21 August 2013

Powers and organization of the Supreme Court

I suggested already what functions the Supreme Court of the federation should have in an earlier post about overall form of the judicial system of the European federation, now I will synopticly summarize it, will deal also with organization of court's work and add powers of the president of the Supreme Court to it as I wrote above in the previous post.

Powers of the Supreme Court were basically given by me earlier, so I will namely put them into two groups; other will follow. The powers closely related to the constitution will be in the first group, namely resolving conflicts between the federation and the member states, conflicts among highest bodies of the federation's state power, also conflicts between the federation and the associated states (mentioned earlier), conflicts among the member states and finally adjudicating conformity of laws of the Union and of decrees of the Council of Chancellors as well as of constitutions, laws and other directives of the member states with the constitution of the Union.

The second group will include competencies following from position of the Supreme Court as a supreme member of the federal judicial system, namely hearing appeals from federal courts of second degree, constitutional complaints of citizens about violation of rights given by the constitution and also – which I have not mentioned earlier – conflicts about competency of court between the Union and the member states.

The mentioned division of the Supreme Court's competencies in two groups has its function not only in differentiation between constitutional and non-constitutional matters but also in a way of their hearing. The first group of matters – because of their significance – must be heard in the plenum of all 19 judges, collegia of three judges then suffice for matters of the second group. A question of majorities necessary to adopt a decision follows. It is simple at hearing cases in collegia – if there are three judges and unanimity is not required, votes of two judges are an only possible majority. I consider the same majority of two thirds of votes to be appropriate for a plenum vote (if the plenum hears more significant cases, why it should have a smaller majority?), that is concretely 14 votes (why not 13 I explain below). I do not suppose that it is necessary to determine a quorum, mentioned majorities should be valid in whatever number of present judges which means in practice the less judges are present the more unanimous their opinion must be.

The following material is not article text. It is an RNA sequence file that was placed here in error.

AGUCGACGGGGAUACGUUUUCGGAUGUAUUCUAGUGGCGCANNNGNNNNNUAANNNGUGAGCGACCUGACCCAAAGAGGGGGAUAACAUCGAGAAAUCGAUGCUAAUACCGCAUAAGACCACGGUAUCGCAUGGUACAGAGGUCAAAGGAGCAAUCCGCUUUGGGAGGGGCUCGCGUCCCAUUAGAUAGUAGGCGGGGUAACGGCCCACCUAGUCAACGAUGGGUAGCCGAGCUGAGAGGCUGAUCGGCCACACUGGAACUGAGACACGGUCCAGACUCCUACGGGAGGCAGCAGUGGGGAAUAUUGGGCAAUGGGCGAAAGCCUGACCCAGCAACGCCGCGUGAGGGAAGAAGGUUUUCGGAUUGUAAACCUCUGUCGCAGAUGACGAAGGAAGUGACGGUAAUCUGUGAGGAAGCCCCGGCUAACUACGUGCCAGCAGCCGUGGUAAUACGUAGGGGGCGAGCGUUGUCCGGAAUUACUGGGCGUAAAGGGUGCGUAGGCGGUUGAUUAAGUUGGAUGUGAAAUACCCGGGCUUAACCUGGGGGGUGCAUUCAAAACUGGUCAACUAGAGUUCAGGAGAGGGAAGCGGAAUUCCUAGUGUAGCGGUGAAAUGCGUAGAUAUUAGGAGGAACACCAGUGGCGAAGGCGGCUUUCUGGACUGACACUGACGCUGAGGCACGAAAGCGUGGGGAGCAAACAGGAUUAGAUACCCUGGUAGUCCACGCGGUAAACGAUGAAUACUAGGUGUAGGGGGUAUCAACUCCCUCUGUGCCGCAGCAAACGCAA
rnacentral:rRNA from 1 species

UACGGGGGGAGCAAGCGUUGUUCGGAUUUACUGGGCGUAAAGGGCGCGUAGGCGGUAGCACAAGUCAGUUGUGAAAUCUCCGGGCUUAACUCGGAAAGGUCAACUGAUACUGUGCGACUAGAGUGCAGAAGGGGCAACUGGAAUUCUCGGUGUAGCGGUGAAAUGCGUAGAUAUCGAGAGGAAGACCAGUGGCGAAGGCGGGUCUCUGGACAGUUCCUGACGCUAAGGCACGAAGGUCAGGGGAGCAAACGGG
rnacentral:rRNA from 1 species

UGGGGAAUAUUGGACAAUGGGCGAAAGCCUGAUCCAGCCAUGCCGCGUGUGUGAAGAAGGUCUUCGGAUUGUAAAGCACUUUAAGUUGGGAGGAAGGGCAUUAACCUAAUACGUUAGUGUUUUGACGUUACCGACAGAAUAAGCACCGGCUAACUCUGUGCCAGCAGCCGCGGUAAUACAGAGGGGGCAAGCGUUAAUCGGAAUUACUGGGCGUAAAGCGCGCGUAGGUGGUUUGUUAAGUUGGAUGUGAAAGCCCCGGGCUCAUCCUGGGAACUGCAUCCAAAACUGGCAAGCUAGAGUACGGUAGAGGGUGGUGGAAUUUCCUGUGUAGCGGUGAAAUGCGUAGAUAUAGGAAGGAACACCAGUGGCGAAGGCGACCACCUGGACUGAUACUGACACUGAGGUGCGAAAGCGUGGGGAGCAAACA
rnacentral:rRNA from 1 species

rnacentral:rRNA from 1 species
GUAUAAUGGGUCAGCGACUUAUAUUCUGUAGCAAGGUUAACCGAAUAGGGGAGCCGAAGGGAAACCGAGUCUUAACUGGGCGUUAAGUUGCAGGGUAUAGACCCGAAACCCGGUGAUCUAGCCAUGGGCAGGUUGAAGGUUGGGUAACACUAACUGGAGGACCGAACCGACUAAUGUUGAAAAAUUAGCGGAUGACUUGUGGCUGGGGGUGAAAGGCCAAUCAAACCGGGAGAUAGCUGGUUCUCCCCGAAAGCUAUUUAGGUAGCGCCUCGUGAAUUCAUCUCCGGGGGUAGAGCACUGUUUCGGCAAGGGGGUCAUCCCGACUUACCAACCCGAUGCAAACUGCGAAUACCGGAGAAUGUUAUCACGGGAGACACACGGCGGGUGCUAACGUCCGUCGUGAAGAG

There is another question whether proceedings should be public or non-public. I suppose that it is not necessary that they are public but I leave a decision to the judges themselves, concretely at the President of the Supreme Court when a case is heard in the plenum and at the chairman of a collegium if a case is heard in a collegium. To pronounce a verdict is however something else, it has to be pronounced publicly.

The last two provisions which I decided to insert in this section relate to a procedure of judges. According to the first of them, every judge has the right to suggest own proposal at hearing a case and then the obligation to vote for one of all suggested proposals – it makes to abstain from voting impossible. The second provision gives the right to attach their dissenting opinion to the judgment to the judges who disagree with a result of a voting; this should be valid for hearing cases either in the plenum and in collegia.

Now I move to provisions about the President of the Supreme Court. I wrote in the previous post that the President should be an only judge of the Supreme Court elected directly by citizens and his (her) exceptional position in the Supreme Court should be in accordance with it. Organizational powers are naturally above all the point; I tried to determine them in a way that the president has an influence on direction and decision-making of the court though he cannot get round voting of other judges.